It is, of course, a strange thing to sit down and think about, but I can’t be the only one who has thought to themselves about their reasons behind being a gamer. I mean, why did I choose video games as one of my favourite means of entertaining myself, and one of my most time-consuming hobbies? What has brought this on, I hear you ask? I was asked recently, which sparked this entire thought process, and inspired a lengthy conversation about this topic between a non-gamer, a ‘casual’ gamer and myself about not only the reasons I am a gamer, but my reasoning for why others may have also chosen to be gamers too.
The first question to ask really is what a ‘gamer’ actually is, a conversation that has played out probably several hundred times over, and has even been discussed during of the Team Z1G live streams over on our Twitch channel. This particular question is hard to answer, simply because it is all down to perspective, and also because the criteria of what it means to be classed as a ‘gamer’ has changed in recent times what with the meteoric rise of the mobile gaming platform and the emergence of the ‘casual’ gamer.
By my definition, a ‘gamer’ is someone who identifies video gaming as their primary hobby, or as an important one by any stretch. To that point, a ‘gamer’ will choose to play a game as a means of entertainment through a period of time in which there are other options for activity. They will opt for this choice above most, if not all, other choices. This is different to ‘casual’ gamers, who will turn to video gaming only as a means to fill time which have limited other options, as a means to alleviate boredom (for instance, playing Angry Birds on their morning commute), or as a final resort. It is these key differences in mentality and opinions towards gaming as a whole that define the line between the two. This of course doesn’t make either of these lesser than the other, but ‘gamers’ undoubtedly owe/blame (depending on standpoint) the increasing social acceptance of gaming as a whole to the ‘casual’ games market.
Now, the question of ‘why’ is a little harder to answer as it is entirely subjective. I also believe that a lot of the reasoning could also be isolated to the genres of gaming themselves. This doesn’t mean that I think that everyone who plays (the abomination) Call of Duty is a future soldier/gun-toting psychopath, but I believe that core personality traits of the individual involved play a part in the genres that they are attracted to.
For instance, someone who is a problem solver in real life and enjoys working things out may be attracted to puzzle titles such as Professor Layton, or someone who is a team-player or loves the idea of leading a team to victory may be drawn to strategy titles such as XCOM: Enemy Unknown. I know that it isn’t as simple as this, of course, but thinking of things from a simpler standpoint may help to understand why people choose the games they do choose. It may even be the opposite of this, and those have a peaceful and non-confrontational life may be drawn to games where they can destroy their opponent such as Tekken. Unfortunately there are no clear-cut links that can be drawn between the person involved and the genres they choose, however there can be clear reasoning behind why they choose to be a ‘gamer’ in the first place.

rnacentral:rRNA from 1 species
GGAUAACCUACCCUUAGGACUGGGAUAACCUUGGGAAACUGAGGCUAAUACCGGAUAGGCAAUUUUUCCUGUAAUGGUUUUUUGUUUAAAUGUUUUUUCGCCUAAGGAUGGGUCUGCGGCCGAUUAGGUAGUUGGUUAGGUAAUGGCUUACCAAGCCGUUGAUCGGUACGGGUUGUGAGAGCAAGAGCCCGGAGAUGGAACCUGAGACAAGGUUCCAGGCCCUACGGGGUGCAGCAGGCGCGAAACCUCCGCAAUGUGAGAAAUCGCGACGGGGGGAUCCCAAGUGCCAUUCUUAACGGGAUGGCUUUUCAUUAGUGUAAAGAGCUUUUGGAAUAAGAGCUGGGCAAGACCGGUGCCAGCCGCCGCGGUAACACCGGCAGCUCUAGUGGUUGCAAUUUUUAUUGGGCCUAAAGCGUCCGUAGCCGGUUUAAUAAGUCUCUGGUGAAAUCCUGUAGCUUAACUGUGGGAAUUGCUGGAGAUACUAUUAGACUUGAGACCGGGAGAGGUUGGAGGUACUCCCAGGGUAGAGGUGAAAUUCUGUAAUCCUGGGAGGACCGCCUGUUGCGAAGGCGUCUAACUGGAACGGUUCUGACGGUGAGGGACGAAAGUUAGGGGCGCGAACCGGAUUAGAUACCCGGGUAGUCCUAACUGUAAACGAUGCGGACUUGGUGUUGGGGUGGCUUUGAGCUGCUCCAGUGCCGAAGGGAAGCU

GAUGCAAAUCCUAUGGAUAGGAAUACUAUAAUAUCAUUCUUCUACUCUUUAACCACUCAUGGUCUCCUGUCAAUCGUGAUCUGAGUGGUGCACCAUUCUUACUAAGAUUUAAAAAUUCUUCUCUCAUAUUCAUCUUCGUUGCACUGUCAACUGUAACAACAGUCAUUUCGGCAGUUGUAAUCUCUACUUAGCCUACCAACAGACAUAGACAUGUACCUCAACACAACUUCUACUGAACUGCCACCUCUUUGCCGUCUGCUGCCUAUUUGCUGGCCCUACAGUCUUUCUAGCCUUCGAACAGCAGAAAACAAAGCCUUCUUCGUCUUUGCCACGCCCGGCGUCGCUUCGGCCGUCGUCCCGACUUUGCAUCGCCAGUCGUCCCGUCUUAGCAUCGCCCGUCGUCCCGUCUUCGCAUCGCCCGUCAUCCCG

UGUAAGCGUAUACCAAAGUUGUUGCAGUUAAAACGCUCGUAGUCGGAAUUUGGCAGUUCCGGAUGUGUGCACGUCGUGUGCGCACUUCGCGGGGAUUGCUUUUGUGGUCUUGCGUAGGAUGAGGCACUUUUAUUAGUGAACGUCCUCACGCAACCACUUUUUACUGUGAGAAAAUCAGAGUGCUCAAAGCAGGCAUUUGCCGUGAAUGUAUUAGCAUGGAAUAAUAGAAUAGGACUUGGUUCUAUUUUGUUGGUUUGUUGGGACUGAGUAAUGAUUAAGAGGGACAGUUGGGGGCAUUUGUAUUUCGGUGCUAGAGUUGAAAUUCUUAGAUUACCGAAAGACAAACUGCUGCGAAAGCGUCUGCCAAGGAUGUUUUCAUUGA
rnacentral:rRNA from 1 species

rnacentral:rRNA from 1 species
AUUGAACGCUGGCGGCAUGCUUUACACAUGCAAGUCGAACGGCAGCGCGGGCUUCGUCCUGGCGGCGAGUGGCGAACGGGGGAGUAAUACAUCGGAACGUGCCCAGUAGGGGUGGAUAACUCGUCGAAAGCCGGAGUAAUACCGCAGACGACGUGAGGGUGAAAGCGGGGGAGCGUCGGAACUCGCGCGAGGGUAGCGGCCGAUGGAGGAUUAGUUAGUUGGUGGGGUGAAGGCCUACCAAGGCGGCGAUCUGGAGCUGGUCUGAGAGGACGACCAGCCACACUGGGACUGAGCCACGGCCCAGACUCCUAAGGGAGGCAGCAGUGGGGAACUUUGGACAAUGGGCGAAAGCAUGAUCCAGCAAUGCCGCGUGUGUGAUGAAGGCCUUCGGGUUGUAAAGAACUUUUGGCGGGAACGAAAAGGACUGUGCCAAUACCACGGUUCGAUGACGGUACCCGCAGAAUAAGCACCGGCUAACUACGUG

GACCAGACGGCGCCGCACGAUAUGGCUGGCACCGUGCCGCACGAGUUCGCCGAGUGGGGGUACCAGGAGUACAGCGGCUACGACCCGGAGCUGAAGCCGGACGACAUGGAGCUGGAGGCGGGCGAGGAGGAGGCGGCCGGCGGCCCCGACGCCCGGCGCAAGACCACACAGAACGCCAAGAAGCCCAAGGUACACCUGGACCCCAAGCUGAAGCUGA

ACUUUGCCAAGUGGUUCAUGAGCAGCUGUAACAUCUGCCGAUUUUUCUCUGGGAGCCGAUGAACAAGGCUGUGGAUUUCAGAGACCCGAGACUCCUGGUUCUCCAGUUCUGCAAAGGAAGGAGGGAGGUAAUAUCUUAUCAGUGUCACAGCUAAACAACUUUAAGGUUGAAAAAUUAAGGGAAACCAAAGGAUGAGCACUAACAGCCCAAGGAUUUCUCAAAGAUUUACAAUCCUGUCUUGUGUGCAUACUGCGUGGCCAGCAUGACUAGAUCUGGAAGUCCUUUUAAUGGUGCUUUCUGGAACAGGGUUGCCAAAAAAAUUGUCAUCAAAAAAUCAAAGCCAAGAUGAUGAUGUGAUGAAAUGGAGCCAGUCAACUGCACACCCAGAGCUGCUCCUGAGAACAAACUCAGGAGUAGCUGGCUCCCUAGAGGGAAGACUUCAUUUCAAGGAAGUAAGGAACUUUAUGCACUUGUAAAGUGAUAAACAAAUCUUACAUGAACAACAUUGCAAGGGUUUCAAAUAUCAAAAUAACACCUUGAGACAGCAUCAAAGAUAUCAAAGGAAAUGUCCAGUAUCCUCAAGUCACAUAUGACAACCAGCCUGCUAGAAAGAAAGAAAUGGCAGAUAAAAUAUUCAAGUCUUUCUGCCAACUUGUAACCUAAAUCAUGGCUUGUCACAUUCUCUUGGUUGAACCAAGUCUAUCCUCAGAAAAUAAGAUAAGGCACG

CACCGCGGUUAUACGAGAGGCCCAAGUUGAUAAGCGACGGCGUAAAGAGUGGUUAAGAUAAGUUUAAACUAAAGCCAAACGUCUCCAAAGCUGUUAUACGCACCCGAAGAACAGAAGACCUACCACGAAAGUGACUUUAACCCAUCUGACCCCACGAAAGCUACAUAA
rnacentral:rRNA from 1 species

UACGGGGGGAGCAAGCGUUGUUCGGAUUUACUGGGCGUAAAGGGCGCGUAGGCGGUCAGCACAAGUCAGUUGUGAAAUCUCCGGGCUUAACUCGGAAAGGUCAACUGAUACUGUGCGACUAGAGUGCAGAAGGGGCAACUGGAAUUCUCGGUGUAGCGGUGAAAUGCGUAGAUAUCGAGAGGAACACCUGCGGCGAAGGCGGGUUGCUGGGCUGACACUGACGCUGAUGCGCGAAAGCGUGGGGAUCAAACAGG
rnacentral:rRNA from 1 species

For me personally, it is the escapism that gaming can bring. This is because, although I have no problem with my real life (in fact I really enjoy it), I simply cannot ride dragons/take part in epic sword fights/cast magic/other generic in-game activity in my real life. I love the fantasy worlds, the stories, and the wonderful characters I journey with. The whole act of switching on my games console and escaping into another world for an hour or so is something that I genuinely enjoy, and I know this is the case for many ‘gamers’.
Albeit, it can go too far, like with the stories you hear about World of Warcraft and the troubles caused by addiction to it. However, this can simply be accredited to the fact that, although gaming have become more socially acceptable, some ‘gamers’ still enjoy the social isolation aspect of it. It is easy to forget that, until fairly recently, gaming was a mostly solitary hobby. Only with the advent of ‘casual’ gaming and ‘party’ games (such as the various games championed by Nintendo’s Wii, among others) has gaming changed into something all the family can (and will happily) do. After all, up until about five years ago or so I was the only one who played games in my family, and now even my grandmother has a Nintendo DS!
Games such as WoW also allow a deeper kind of escapism for the player, as they are permitted an entirely new persona that they can become in this world. They can act however they want to act, with minimal repercussions, and can see determined progress with their character (something which doesn’t as exist in ‘real life’ as obviously as experience points do). It gives those playing a real sense of achievement, with minimal effort. This is good for the mind to the most part, but it unfortunately can cause laziness and/or those who become to involved to feel dis-enamoured with the actual world outside their houses if not kept in check.
As I said at the beginning, the reasons behind why people are ‘gamers’ are varied and the person’s own. But, I would like to know, why did you all become gamers? Also, what is it about gaming that has kept you hooked all this time? Let me know in the comments, or tweet me @reubenmount.
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